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Turbine placement violates airport agreement

A NAV Canada letter addressed to Samsung-Pattern Armow Wind Ontario has revealed that 43 of 99 turbines in the proposed Armow wind development violate current procedures at Kincardine Municipal Airport.

Kincardine’s chief administrative officer Murray Clarke presented the information at an April 10 meeting of council, highlighting “concerns with Samsung-Pattern turbines outside of airport perimeter mapping.”

In a letter addressed to Jody Law of SP Armow Wind dated March 17, 2013, Aleksandar Trandafilovski of NAV Canada wrote, “in our letter dated April 12, 2012, we included the area we found to be of ‘no-impact’ to aid in planning turbine locations which avoid impact to airport operations; however all 43 infringing turbines are located outside of this area.”

Clarke said it was not immediately clear what the implications of NAV Canada’s concerns might be, and suggested the turbines could possibly affect GPS readings in the area or present safety issues.

“This is a significant concern,” Clarke said. “We need to know what the implications are.”

Deputy mayor Anne Eadie said she was unhappy NAV Canada’s concerns were only now being revealed, as the violations impact the Memorandum of Understanding (MOU) the municipality had signed with Samsung-Pattern. The document had been enacted into bylaw February 20, 2013.

“I was upset when I read this,” Eadie said. “We set up the ad-hoc committee [to discuss issues with the Armow project]. We knew there was communication between NAV Canada and Samsung, and we had to rely on what NAV Canada would tell us. Why is this information coming to us now?”

Councillor Jacqueline Faubert was similarly disappointed that the violations are only now coming to light.

“My concern is with the letter, there is absolutely no timeline,” Faubert said. “We’re asking how we are going to resolve these conflicts. This letter seriously conflicts with the MOU. Having that information a year ago would have been an entirely different scenario.”

Eadie said the municipality had expressed concerns about the placement of the Armow turbines a year ago, but understood NAV Canada was only obligated to submit their findings to the wind company.

“They [Samsung-Pattern] were believed to be acting in good faith,” Eadie said.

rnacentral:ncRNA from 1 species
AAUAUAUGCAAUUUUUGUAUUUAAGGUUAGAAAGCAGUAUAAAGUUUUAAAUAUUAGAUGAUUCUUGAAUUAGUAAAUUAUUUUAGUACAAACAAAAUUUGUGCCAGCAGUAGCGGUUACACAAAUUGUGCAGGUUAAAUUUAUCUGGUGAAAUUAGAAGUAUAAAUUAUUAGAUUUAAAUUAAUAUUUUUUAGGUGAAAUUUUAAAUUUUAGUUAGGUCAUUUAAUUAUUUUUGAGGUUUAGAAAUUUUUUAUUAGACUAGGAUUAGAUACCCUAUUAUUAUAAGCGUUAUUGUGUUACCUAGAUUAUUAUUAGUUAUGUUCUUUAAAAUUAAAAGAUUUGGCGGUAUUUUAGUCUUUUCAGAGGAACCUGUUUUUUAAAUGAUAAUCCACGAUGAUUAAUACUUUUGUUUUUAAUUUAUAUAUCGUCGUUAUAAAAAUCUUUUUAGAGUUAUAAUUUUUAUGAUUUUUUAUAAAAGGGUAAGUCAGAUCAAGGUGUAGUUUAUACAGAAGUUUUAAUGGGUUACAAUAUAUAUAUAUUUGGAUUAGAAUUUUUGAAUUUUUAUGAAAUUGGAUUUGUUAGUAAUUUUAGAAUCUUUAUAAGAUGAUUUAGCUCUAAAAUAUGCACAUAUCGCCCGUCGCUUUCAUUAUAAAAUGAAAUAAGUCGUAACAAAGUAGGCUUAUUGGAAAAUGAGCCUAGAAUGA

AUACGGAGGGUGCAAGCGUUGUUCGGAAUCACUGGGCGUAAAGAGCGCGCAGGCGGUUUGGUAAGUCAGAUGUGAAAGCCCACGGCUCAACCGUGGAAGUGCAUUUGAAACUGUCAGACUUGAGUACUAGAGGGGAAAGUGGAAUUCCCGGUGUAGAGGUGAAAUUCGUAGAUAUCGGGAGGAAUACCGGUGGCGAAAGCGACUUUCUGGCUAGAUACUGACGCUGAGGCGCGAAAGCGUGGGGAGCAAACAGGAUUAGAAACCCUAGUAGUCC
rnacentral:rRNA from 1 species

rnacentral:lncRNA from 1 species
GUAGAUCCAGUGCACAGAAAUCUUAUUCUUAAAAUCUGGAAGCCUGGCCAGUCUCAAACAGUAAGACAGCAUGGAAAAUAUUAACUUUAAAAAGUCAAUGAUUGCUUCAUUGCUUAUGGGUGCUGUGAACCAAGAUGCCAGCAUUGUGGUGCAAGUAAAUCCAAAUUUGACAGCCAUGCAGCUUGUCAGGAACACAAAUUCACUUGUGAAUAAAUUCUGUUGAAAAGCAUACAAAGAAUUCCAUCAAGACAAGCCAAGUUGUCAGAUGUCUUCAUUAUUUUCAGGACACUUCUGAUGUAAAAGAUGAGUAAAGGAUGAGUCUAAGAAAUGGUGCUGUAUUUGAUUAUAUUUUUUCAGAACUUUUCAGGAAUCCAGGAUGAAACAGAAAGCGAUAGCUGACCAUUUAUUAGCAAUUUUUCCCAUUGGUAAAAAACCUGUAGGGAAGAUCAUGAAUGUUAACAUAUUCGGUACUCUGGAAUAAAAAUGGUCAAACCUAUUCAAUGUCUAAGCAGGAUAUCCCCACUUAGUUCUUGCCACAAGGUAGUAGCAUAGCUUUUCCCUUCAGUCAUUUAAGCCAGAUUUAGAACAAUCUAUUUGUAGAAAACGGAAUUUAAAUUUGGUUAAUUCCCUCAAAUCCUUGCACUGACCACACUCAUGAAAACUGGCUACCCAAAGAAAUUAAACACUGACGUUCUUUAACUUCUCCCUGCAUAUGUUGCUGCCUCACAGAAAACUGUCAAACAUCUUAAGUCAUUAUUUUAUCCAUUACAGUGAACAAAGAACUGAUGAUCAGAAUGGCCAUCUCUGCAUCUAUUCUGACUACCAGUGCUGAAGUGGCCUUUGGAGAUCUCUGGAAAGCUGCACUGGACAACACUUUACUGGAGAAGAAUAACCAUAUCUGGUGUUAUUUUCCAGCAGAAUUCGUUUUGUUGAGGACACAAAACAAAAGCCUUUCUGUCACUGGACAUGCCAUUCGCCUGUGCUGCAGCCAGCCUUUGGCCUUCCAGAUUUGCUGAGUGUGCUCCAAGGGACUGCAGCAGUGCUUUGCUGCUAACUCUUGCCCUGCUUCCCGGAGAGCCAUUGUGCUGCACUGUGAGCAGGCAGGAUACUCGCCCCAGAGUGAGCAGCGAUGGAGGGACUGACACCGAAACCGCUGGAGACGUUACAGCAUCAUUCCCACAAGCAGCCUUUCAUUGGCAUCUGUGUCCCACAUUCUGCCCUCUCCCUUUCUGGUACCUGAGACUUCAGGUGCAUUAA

Kincardine resident Karen Breitbach said she was troubled by Samsung-Pattern’s handling of the Armow project.

“I feel this is an issue that needs to be brought under public scrutiny,” said Breitbach in an April 11 email that accompanied a media release on the matter.

“It would appear that long before negotiations between representatives of Kincardine and Samsung/Pattern were concluded, the developer was aware of the fact that 43 turbines were placed within “impact zones” of the airport,” Breitbach states in the release. “Samsung-Pattern withheld critical information in their possession that in all likelihood may have seriously changed not only the outcome of these negotiations, but the MOU and the subsequent consultation comment form submitted for REA approval.”

Breitbach also added that the lack of information provided to the Municipality of Kincardine limited council’s ability to negotiate the MOU, and “contributed towards an incomplete submission of the consultation form for REA approval.”

The release also indicates members of the Canadian Owners and Pilots Association (COPA) object to the placement of turbines near Kincardine’s airport.

Kevin Psutka, COPA president and CEO, said wind farms can “interfere with the air navigation system by blocking surveillance radars, necessary for managing air traffic to keep aircraft safely apart from each other, and when located within a certain distance of navigation aids, they can skew the signal and render them unserviceable.”

Psutka said NAV Canada’s letter suggests a need for further study of the Armow project before plans for the turbines proceed.

Clarke reported on April 12 that he had been in contact with NAV Canada, who confirmed a letter had been sent exclusively to Samsung-Pattern last year, as is customary.

“Essentially the ball’s in Samsung-Pattern’s court to address the issues,” Clarke said.

Representatives from Samsung-Pattern were not in attendance at the April 10 meeting, but Armow Wind supplied a statement on April 12 via Law.

“Armow Wind must comply with all regulated requirements and is coordinating a meeting with the Municipality to discuss the assessment,” the release stated. “We look forward to continuing to work closely with the municipality on the development of the project.”